Former US senator finds love with a man at 90 but refuses to label himself

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Harris Wofford has penned an essay about the “next chapter of his life”.

A former US senator – who once served as special assistant to President John Kennedy – has opened up about his relationship with another man.

At the end of this month, the 90-year-old – who was married to his wife Clare for 48 years – will exchange vows with the man he “wants to spend the rest of my life with”.

Former US senator finds love with a man at 90 but refuses to label himself

The ex-senator from Pennsylvania, who also served as n advisor to Martin Luther King, wrote about his journey in an op-ed piece for the New York Times this weekend.

Wofford’s starts his story shortly before his wife died from acute leukemia.

“For our three children and me, Clare was at the heart of our family,” Wofford writes.

“When I told her, ‘You’re my best friend,’ she would reply, ‘and your best critic.’ And when I said, ‘You’re my best critic,’ she responded, ‘and your best friend.’”

“We were both about to turn 70 when she died,” he continues. “I assumed that I was too old to seek or expect another romance.

However, during a trip to Florida, he met Matthew Charlton and was struck by “his inquisitive and thoughtful manner and his charm.”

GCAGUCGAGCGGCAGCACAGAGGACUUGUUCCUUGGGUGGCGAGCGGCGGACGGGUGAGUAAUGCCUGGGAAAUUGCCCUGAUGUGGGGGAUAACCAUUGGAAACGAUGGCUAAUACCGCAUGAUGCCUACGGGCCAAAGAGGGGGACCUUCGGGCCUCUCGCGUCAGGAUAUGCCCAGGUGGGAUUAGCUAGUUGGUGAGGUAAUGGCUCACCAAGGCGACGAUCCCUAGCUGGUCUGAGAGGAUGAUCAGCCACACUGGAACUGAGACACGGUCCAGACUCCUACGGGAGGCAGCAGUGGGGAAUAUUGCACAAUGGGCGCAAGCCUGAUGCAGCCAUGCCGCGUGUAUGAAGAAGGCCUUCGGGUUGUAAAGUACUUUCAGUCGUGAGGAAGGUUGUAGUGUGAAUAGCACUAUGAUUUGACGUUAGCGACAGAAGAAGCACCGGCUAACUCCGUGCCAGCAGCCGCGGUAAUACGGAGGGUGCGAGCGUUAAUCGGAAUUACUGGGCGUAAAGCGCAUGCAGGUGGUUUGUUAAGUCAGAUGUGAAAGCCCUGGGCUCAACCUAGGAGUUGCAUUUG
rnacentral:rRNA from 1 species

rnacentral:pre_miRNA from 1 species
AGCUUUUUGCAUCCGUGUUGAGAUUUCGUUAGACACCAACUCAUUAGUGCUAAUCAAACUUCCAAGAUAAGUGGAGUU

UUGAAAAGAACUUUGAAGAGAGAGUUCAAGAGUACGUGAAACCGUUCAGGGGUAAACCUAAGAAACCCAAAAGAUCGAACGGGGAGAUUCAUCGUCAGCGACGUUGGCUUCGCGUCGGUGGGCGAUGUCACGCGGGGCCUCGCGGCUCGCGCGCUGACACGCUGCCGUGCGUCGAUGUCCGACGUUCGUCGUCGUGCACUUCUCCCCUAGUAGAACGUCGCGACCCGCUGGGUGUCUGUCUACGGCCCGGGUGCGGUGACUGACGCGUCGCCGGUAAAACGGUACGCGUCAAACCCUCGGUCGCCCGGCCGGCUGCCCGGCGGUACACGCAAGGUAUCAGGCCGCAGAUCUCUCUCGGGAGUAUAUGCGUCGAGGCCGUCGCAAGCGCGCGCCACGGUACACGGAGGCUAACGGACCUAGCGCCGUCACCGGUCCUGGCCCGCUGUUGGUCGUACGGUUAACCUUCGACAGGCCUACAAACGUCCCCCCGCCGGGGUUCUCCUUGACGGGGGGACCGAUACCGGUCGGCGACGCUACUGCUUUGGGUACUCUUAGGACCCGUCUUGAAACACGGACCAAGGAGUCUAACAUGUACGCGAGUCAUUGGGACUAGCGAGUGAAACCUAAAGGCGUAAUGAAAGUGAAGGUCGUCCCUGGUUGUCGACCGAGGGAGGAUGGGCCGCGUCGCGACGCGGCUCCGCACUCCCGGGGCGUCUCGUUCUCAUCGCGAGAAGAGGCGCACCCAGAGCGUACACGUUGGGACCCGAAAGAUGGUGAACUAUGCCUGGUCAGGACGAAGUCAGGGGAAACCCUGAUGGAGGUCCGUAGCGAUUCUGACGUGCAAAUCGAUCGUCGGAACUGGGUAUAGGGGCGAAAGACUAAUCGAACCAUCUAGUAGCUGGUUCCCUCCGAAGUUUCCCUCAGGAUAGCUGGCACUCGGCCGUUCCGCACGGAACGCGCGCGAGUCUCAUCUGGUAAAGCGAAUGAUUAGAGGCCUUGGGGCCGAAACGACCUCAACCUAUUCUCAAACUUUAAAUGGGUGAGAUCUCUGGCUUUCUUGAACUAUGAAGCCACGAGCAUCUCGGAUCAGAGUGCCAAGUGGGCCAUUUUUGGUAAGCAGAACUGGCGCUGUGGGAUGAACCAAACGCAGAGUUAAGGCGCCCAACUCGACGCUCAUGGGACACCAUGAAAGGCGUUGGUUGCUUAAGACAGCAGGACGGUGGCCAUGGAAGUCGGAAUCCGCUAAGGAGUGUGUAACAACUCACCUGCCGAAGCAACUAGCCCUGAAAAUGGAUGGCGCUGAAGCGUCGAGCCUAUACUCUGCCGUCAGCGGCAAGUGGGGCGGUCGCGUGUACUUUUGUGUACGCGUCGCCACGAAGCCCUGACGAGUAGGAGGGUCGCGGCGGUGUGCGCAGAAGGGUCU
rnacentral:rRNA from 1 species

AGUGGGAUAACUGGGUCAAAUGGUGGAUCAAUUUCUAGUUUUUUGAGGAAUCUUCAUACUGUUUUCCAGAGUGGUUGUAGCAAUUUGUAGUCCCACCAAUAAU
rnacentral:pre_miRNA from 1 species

“I knew he was somebody I would enjoy getting to know. We were decades apart in age with far different professional interests, yet we clicked,’ Wofford explains.

The pair began to travel together as friends, visiting both the US and Europe.

However, the pair soon realised that their relationship was developing into something more.

“We both felt the immediate spark, and as time went on, we realised that our bond had grown into love.

Former US senator finds love with a man at 90 but refuses to label himself

“Other than with Clare, I had never felt love blossom this way before.”

Woodford ends the essay by refusing to put a label on his new relationship – or dismiss the love he felt for his wife.

“Too often, our society seeks to label people by pinning them on the wall — straight, gay or in between,” he concludes.

“I don’t categorise myself based on the gender of those I love.

“I had a half-century of marriage with a wonderful woman, and now am lucky for a second time to have found happiness.”